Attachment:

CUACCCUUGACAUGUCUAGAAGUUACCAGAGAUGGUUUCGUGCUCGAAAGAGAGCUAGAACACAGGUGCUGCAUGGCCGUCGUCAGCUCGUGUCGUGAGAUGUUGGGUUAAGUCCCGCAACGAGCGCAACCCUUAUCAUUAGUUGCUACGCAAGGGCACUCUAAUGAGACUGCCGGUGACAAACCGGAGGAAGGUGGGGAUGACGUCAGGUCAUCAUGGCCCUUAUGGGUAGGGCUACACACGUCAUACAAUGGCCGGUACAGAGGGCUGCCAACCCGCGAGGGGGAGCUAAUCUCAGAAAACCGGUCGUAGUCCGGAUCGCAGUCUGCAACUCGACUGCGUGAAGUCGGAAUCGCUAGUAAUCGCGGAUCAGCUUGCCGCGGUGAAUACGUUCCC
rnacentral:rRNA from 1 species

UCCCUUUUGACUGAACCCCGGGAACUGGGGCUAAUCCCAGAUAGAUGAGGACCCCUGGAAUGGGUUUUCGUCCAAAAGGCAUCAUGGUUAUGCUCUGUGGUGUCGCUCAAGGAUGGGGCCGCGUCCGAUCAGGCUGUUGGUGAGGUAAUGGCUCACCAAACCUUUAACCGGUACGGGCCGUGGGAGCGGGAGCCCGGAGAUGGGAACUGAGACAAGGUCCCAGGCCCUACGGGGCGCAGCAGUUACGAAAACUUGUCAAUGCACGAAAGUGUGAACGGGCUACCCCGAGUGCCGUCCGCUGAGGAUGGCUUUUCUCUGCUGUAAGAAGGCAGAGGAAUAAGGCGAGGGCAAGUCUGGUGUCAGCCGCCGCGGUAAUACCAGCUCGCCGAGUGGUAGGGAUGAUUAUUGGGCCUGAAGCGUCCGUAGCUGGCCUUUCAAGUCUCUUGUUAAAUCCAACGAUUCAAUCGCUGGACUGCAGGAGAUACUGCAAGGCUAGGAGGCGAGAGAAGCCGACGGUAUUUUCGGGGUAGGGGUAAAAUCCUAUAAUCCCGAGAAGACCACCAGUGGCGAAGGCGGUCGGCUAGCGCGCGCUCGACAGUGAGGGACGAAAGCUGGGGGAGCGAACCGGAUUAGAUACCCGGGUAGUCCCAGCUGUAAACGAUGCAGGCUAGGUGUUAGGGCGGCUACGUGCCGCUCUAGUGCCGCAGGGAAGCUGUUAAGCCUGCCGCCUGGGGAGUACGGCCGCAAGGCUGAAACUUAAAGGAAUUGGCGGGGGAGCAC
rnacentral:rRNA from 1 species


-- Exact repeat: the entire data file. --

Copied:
CUACCCUUGACAUGUCUAGAAGUUACCAGAGAUGGUUUCGUGCUCGAAAGAGAGCUAGAACACAGGUGCUGCAUGGCCGUCGUCAGCUCGUGUCGUGAGAUGUUGGGUUAAGUCCCGCAACGAGCGCAACCCUUAUCAUUAGUUGCUACGCAAGGGCACUCUAAUGAGACUGCCGGUGACAAACCGGAGGAAGGUGGGGAUGACGUCAGGUCAUCAUGGCCCUUAUGGGUAGGGCUACACACGUCAUACAAUGGCCGGUACAGAGGGCUGCCAACCCGCGAGGGGGAGCUAAUCUCAGAAAACCGGUCGUAGUCCGGAUCGCAGUCUGCAACUCGACUGCGUGAAGUCGGAAUCGCUAGUAAUCGCGGAUCAGCUUGCCGCGGUGAAUACGUUCCC
rnacentral:rRNA from 1 species

UCCCUUUUGACUGAACCCCGGGAACUGGGGCUAAUCCCAGAUAGAUGAGGACCCCUGGAAUGGGUUUUCGUCCAAAAGGCAUCAUGGUUAUGCUCUGUGGUGUCGCUCAAGGAUGGGGCCGCGUCCGAUCAGGCUGUUGGUGAGGUAAUGGCUCACCAAACCUUUAACCGGUACGGGCCGUGGGAGCGGGAGCCCGGAGAUGGGAACUGAGACAAGGUCCCAGGCCCUACGGGGCGCAGCAGUUACGAAAACUUGUCAAUGCACGAAAGUGUGAACGGGCUACCCCGAGUGCCGUCCGCUGAGGAUGGCUUUUCUCUGCUGUAAGAAGGCAGAGGAAUAAGGCGAGGGCAAGUCUGGUGUCAGCCGCCGCGGUAAUACCAGCUCGCCGAGUGGUAGGGAUGAUUAUUGGGCCUGAAGCGUCCGUAGCUGGCCUUUCAAGUCUCUUGUUAAAUCCAACGAUUCAAUCGCUGGACUGCAGGAGAUACUGCAAGGCUAGGAGGCGAGAGAAGCCGACGGUAUUUUCGGGGUAGGGGUAAAAUCCUAUAAUCCCGAGAAGACCACCAGUGGCGAAGGCGGUCGGCUAGCGCGCGCUCGACAGUGAGGGACGAAAGCUGGGGGAGCGAACCGGAUUAGAUACCCGGGUAGUCCCAGCUGUAAACGAUGCAGGCUAGGUGUUAGGGCGGCUACGUGCCGCUCUAGUGCCGCAGGGAAGCUGUUAAGCCUGCCGCCUGGGGAGUACGGCCGCAAGGCUGAAACUUAAAGGAAUUGGCGGGGGAGCAC
rnacentral:rRNA from 1 species